China and Europe have long been twin pillars of global trade. Renaissance London, Bruges and Rome imported porcelain, silk and tea. The original Silk Road connecting ancient China and South Eastern Europe and the Middle East dates to before Christ.
Beijing’s ongoing struggles to forge fresh terms of trade with a more protectionist US administration have overshadowed its relationship with the EU – still the world’s largest economic bloc – and its neighbours.
Chinese development in the 21st century has focused mostly on shipping and selling to well-off consumers in France, Germany, and other Western European nations. But the fastest-growing segment of trade with Europe has been with Poland, Slovakia and other members of the former Soviet bloc. Market reforms in the 1990s and 2000s have sparked robust economic growth in those countries.
With the promise of further growth in mind, in 2012, China launched the so-called 16+1 initiative, or China-CEEC (Central and Eastern European Countries) summit, as a principal way of growing its Belt and Road Initiative, a modern Silk Road aimed at boosting global economic integration.
The deal established regular meetings between Beijing, 11 EU members, and five Balkan nations. What made these markets so exciting for Chinese trade officials is that they’ve been increasing in size and value from a low baseline, meaning there’s plenty more room for growth. The then premier, Wen Jiabao, announced the launch of a USD 10 billion credit line.
The total list of countries included in the deal includes Albania, Bosnia and Herzegovina, Bulgaria, Croatia, the Czech Republic, Estonia, Hungary, Latvia, Lithuania, Macedonia, Montenegro, Poland, Romania, Serbia, Slovakia, and Slovenia. Greece, geographically close, was later added to the mix, making it the 17+1 and offering China an opportunity for multilateralism, as well as a solid forum to organize bilateral deals.
Since 2012, China has invested USD 15.4 billion in ports, roads and other infrastructure. It’s helped build a highway in Serbia, reinforced rail links with Europe, and bought a Polish engineering company. “Since 2012, 70 percent of announced deals have been in non-EU member states even though they make up only 5 of the 16 participants and only 6 percent of the group’s collective GDP,” the Centre for Strategic and International Studies wrote recently.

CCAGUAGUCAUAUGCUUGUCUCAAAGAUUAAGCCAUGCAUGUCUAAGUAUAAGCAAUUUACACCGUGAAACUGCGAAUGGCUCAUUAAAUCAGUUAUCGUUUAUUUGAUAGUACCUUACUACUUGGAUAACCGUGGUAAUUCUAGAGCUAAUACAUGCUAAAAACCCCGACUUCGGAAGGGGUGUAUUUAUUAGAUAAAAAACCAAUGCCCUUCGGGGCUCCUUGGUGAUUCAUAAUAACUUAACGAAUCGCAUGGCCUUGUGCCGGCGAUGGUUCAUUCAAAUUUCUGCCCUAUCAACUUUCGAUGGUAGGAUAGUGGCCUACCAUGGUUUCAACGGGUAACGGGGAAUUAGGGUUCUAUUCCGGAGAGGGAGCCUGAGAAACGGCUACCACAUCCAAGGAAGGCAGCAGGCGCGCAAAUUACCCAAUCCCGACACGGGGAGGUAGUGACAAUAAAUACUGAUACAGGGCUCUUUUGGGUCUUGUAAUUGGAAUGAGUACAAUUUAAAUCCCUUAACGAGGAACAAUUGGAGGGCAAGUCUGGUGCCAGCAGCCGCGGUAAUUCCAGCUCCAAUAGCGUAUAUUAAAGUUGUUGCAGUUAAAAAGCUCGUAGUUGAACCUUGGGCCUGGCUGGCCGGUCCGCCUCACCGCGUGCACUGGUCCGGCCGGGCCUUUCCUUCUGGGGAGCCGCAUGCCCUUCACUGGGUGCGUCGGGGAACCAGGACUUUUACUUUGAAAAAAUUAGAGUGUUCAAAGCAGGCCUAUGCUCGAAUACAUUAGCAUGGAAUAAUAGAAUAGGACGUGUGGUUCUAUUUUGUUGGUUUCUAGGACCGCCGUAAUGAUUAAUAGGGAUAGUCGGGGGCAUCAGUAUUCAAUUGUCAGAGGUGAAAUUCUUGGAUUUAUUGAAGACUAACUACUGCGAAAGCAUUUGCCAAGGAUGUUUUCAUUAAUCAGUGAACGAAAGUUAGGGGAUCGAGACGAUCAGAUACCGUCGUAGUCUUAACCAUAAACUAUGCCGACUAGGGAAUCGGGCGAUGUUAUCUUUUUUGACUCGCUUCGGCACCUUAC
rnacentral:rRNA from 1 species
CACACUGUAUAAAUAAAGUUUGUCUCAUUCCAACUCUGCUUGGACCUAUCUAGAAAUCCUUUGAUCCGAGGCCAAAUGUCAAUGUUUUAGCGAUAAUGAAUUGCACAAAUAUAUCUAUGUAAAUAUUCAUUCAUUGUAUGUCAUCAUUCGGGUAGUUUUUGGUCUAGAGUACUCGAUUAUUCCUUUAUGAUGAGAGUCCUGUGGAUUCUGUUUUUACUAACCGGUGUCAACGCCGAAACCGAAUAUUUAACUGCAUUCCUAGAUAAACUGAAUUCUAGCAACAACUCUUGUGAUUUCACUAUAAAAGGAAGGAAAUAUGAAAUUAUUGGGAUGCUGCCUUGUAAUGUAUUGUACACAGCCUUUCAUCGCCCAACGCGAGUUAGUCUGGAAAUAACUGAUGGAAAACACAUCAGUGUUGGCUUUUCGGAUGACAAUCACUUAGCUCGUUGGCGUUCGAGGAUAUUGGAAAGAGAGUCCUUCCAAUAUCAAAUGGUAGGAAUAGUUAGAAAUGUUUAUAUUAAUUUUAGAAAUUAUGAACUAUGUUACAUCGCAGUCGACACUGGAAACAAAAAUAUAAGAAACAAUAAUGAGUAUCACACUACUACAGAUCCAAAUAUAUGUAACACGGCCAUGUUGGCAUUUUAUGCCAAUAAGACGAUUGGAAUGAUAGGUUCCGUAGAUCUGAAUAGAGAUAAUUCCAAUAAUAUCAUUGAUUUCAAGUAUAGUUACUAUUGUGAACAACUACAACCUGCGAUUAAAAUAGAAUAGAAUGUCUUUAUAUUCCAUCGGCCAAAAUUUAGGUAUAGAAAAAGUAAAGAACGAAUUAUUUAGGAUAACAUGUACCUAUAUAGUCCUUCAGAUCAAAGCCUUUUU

Imports into those countries from China increased to USD 90.1 billion in 2018 from USD 12.4 billion in 2008, according to Trade Data Monitor, the world’s top source of trade data. In 2018, the biggest importer of Chinese goods in that group was Poland (USD 31.2 billion), followed by the Czech Republic (USD 25.3 billion), and Hungary (USD 7.6 billion). Eastern Europe’s imports have included a mix of consumer and industrial goods. Poland’s top category of imports is electrical equipment, such as telephone line gear, followed by circuit boards and other computer equipment, and then toys and clothes.
To be sure, the initiative has come with some hiccups.
There have been delays. Although China has completed projects in Serbia, in Romania, for example, the construction of proposed new power plants is behind schedule because of complicated negotiations between the Romanian government and Chinese construction firms. For Brussels, the arrangement has been perceived as something of a threat to EU oversight. In 2016, the European Commission demanded that any treaty signed with the group be “in line with EU law, rules and policies, and that the overall outcome is beneficial for the EU as a whole”, a stance repeated by the European Parliament in 2018. Growth in Eastern European exports to China have lagged behind increase in imports. Exports rose to USD 12.8 billion in 2018, from USD 9.5 billion in 2012.
But there’s no denying the potential of a market of such size and fast-growing consumer income. And success can’t only be measured in business terms. In the five years after 2012, the number of Chinese tourists to the 16+1 region increased to 930,000 from 280,000.
John W. Miller is an award-winning journalist and filmmaker who covered trade, mining and global economics as a foreign correspondent for the Wall Street Journal.
Trade Data Monitor ([email protected]) is a Geneva, Switzerland and Charleston, USA based supplier of import and export statistics from 111 countries